Modelling – reports
European Centre for Disease Prevention and Control
Projected baselines of COVID-19 in the EU/EEA and the UK for assessing the impact of de-escalation of measures
As the UK and EU/EEA countries start to de-escalate lockdown and other social distancing measures, ECDC have published a technical report setting out a model to provide a 30-day forecast of COVID-19 cases, deaths and hospitalisations under a set of assumptions Their first analysis corresponds to a ‘status quo’ where all control measures will be continued until 7 June – this baseline can be compared (alongside the results of other models) to actual figures, to help assess the impact of lifting current measures in different countries.
Methodology for estimating point prevalence of SARS-CoV-2 infection by pooled RT-PCR testing
ECDC have also published a paper setting out the proposed methodology to monitor the activity of SARS-CoV-2 in the population, including estimating the asymptomatic population and the prevalence in specific risk groups. It is hoped that following this approach will lead to better and more comparable estimates of the disease’s prevalence.
Clinical and Medical News
Impacts of COVID-19 on care for people with long-term conditions
Admissions to A&E and access to non-COVID-related healthcare in general have declined during the pandemic. The Health Foundation examined the impact of COVID-19 on access to and use of health care services for people with existing conditions. They were asked about their use of health care between January 2020 and the end of February 2020; the same group were then asked if they had accessed any health services since the end of February 2020 and what it was for.
Access to health services by such people was 20% lower during the COVID-19 peak period. Some of the largest falls in the use of health services were for mental health (-25%) and cancer (22%). Reasons given for not using health services: just under half reported that they no longer needed access, 10% that they could not get an appointment, and 22% were concerned about contracting or transmitting the virus.
Remdesivir for the Treatment of Covid-19
Remdesivir, an anti-viral drug, is being investigated for its potential use in treating COVID-19. Latest analysis of a double-blind, randomized, placebo-controlled trial of intravenous remdesivir in adults hospitalized with Covid-19 examined whether it was effective at reducing the time to recovery .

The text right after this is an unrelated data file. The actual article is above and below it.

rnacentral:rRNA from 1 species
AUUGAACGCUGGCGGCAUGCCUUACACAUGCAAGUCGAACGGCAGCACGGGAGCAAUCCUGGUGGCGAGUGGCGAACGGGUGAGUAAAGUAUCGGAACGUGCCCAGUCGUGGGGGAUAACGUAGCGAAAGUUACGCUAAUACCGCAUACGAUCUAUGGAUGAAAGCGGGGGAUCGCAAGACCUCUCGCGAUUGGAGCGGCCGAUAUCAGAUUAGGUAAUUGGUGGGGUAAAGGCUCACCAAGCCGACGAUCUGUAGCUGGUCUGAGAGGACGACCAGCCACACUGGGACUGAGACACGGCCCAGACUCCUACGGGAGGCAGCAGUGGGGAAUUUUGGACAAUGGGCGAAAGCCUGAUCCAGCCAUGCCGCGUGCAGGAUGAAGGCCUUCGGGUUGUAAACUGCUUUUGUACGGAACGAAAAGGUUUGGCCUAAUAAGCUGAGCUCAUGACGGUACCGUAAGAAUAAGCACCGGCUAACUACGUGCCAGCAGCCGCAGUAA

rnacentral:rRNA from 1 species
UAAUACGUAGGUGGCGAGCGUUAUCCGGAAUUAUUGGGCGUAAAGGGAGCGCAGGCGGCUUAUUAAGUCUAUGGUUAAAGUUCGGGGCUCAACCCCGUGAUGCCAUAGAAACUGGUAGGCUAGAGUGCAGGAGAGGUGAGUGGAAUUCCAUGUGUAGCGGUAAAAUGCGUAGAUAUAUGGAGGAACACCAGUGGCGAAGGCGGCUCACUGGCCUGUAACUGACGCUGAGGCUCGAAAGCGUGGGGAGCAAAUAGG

As of 28 April 2020, a total of 391 patients in the remdesivir group and 340 in the placebo group had completed the trial through to day 29, recovered, or died. Preliminary results of this trial suggest that a 10-day course of remdesivir was superior to placebo in the treatment of hospitalized patients with Covid-19 (median number of days to recovery 11 vs. 15).
The types of indoor and outdoor settings where transmission of SARS-CoV-2 has been reported to occur which result in clusters of cases have been the focus of this systematic review. Unsurprisingly, clusters were linked to a wide range of mostly indoor settings (12/18). Almost all clusters involved fewer than 100 cases (141/152), with the outliers being transmission in hospitals, elderly care, worker dormitories, and ship settings. This could inform post-lockdown strategies by identifying places to be kept under close surveillance and/or should remain closed to avoid a resurgence in transmission.
The array of treatment approaches for COVID-19 are clearly explained here in a user-friendly infographic developed by Birmingham Health Partners, (an alliance between the University of Birmingham and two NHS Foundation Trusts – Birmingham Women’s & Children’s, and University Hospitals Birmingham). The infographic illustrates the mode of action of each of the pharmaceutical interventions including anti-virals, monoclonal antibody therapy, and steroids.
Nursing Homes and COVID-19 – Outcomes
Nursing home residents have been particularly vulnerable to COVID-19. The World Health Organization has estimated that as many as half of all COVID-19 deaths in Europe occurred in care homes.
The results of an outbreak investigation published this week are reported here. The study included 394 nursing home residents in four nursing homes in central London. It is reported that many of the residents did not display the typical SARS-CoV-2 symptoms of fever and cough, but died after a short period of becoming acutely unwell.
Very sadly, 26% of the residents died over the two-month period leading to an increase in all-cause mortality of 203%. 43% of those tested were asymptomatic and 18% had atypical symptoms such as confusion and vomiting. Widespread testing of staff was not carried out.
And finally …
Sewage as a predictor of COVID-19 outbreaks?
Forget testing, it appears that SARS-CoV-2 RNA concentrations in sewage may be ‘highly correlated’ with outbreaks of COVID-19 and hospital admissions . Primary sewage sludge in New Haven, Connecticut (CT) was analysed and it was found that the SARS-CoV-2 RNA concentration therein closely followed the epidemiology curves established by compiled COVID-19 testing data and hospital admissions and were a seven-day leading indicator. (This report has attracted significant interest over recent days, but analysis suggests that the correlation may be due to a statistical artefact …)
29 May 2020